After watching the video posted by @audiokinesis I have to say this mirrors my findings. I have gone down the road with numerous acoustic panels, bass traps, and diffusers. I would say the best I tried were from a long defunct company called Eighth Nerve, and the most effective trap was the triangle placed in the ceiling corners. In my system my DIY DBA made the most significant difference (in a bi-amp or tri-amp set up) and I was able to rid myself of a lot of extra stuff hanging on my walls in the process.
Atmasphere, in general I agree with what you say with point source speakers that are not digitally corrected and time alligned. However when it comes to linear arrays particularly tall ESL dipoles the situation changes somewhat. If the subwoofer system does not want to get loss under the linear array it also has to radiate like a linear array. This requires a driver every 5 feet or so with the line ending at wall boundaries. If the system were on a long wall this might require more than four units. Dipole ESLs just do not do well under 100 Hz. As you mentioned crossing up higher than 80 Hz without digital correction won't work well. You will always know there is a sub woofer down there. But with time and phase alignment you can go up higher. I cross at 125Hz 4th order and unless you open your eyes you would never know there was a separate subwoofer system and because the sub woofers are forming a linear array the relative volume between the subs and satellites does not change with distance. The linear array also minimizes room effects which allows me to do room correction with much less power. The the resulting improvement in performance of the ESLs at volume is imminently noticeable as is the marked improvement in head room. It's like adding a turbocharger to your engine. 

Mike  
I should also note that I have never used digital correction with a point source system. I have to believe that subwoofer integration would be easier and better. Although I thick you could get away with a higher crossover the benefit would be questionable as the woofer in the satellite has a very limited range whereas with a one way ESL the entire frequency band is affected by the long excursions bass requires particularly at volume. When a very low note comes along say 18 Hz at volume you can actually hear the music flutter.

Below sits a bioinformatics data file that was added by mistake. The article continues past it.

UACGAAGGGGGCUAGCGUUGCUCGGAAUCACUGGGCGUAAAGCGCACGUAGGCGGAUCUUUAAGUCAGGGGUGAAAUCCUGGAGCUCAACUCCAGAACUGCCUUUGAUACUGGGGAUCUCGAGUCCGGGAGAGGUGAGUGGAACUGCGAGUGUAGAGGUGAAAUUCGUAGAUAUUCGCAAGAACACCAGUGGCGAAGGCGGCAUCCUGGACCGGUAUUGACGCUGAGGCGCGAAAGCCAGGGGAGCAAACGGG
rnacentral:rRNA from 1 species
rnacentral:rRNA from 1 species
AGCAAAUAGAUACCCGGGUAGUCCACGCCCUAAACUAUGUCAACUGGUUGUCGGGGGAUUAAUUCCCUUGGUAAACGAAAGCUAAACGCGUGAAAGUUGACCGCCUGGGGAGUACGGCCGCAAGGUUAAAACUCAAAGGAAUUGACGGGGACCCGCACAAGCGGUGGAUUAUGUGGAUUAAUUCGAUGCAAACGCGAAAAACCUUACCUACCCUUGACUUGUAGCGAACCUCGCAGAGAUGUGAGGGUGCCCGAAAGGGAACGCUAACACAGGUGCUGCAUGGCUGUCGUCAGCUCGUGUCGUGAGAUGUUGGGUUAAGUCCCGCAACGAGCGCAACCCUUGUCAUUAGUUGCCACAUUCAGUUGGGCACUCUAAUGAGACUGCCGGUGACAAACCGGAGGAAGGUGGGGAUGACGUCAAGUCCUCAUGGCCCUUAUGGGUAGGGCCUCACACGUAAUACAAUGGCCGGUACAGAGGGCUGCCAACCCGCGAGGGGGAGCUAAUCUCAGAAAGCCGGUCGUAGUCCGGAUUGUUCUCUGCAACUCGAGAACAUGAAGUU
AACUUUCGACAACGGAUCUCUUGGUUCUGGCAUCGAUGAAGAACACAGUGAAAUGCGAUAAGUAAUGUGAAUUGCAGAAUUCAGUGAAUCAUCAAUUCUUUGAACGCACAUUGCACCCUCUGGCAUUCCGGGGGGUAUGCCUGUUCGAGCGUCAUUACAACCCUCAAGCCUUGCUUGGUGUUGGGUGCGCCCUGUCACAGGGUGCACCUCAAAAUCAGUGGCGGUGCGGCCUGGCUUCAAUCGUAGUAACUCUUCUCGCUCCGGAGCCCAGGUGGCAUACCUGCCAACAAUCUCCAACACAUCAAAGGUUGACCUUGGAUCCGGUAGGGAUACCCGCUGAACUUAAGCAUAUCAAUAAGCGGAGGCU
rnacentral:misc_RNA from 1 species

@markj941,
good sum summary.  i just added two REL t9i to my system and am very happy with the sound.  they integrate very well with my large british monitors compared to two other sub brands i tried. 
an important considesrtion is distance from wall behind them.  closer than 8 inches created strong peaks in the response.
You are getting a just sample of what’s going on down there, you are drawing conclusions about the Roger Waters track with regards to hearing it with two L and R subs, it’s obvious. Because if you did you wouldn’t be saying what you just said.
It acts the same way on my main system, which has bandwidth to 20Hz out of the main speakers (Classic Audio Loudspeakers Project T3.3).

It appears that bass traps have their cultists too. The simple fact is they are not always practical. A local customer of mine has been using them for years; I finally got him to try a DBA and it solved his bass issues which he's been fighting for over 20 years. His room is arguably the most treated room I've seen anywhere. He was pretty adamant about how great they were until the DBA showed up.  At this point he's running only about 1/5th of what he had before. In my room I simply don't have the space to place them at all, but adding a pair of subs (thus creating a DBA) is easy since they can hide under a couple of tables in the space. No way could I get bass traps to do the same job in my room, and the GF won't stand for it anyway. Science works so much better than myth for solving these problems.
Hi markj941,
I added a set of  REL subs to my system with floor standing speakers and It was a great improvement .Most notable was that the overall soundstage was cleaner and there was a much greater sense of depth. The bass was more authoritive, the details were extended especially in the midrange. Drumskins, toetapping, broken guitar strings, etc. all clearly audible. My system is set up in my livingroom, and I do not have any real room treatments to speak of. I dream of having a dedicated room one day, but the addition of the subs definately elivated my system to the next level.  Mark Knopfler's Private Investigations is also a good comprarable. 

Good Luck
In my experience, bass traps do help, but they help mainly by controlling bass overhang at frequencies above 40 Hz -- and that’s the BIG traps. Trying to even bass response significantly with bass traps is a losing proposition. But in a room that retains bass, they can be useful for sure.

Still, rejecting DBAs because some people are tireless boosters is like rejecting vitamins because some think they cure everything. It is not logical to discard a proven approach because some adherents are obnoxious (not that we have any of them here).

I thought Erik’s linked essay was useful except for that tack. In particular, it pointed out that adding subs is not plug-and-play, if one wants to get good results. Good crossovers, some kind of EQ, and phase matching have been indispensable, when I’ve done it.
How is this even a discussion in the audiophile world any more?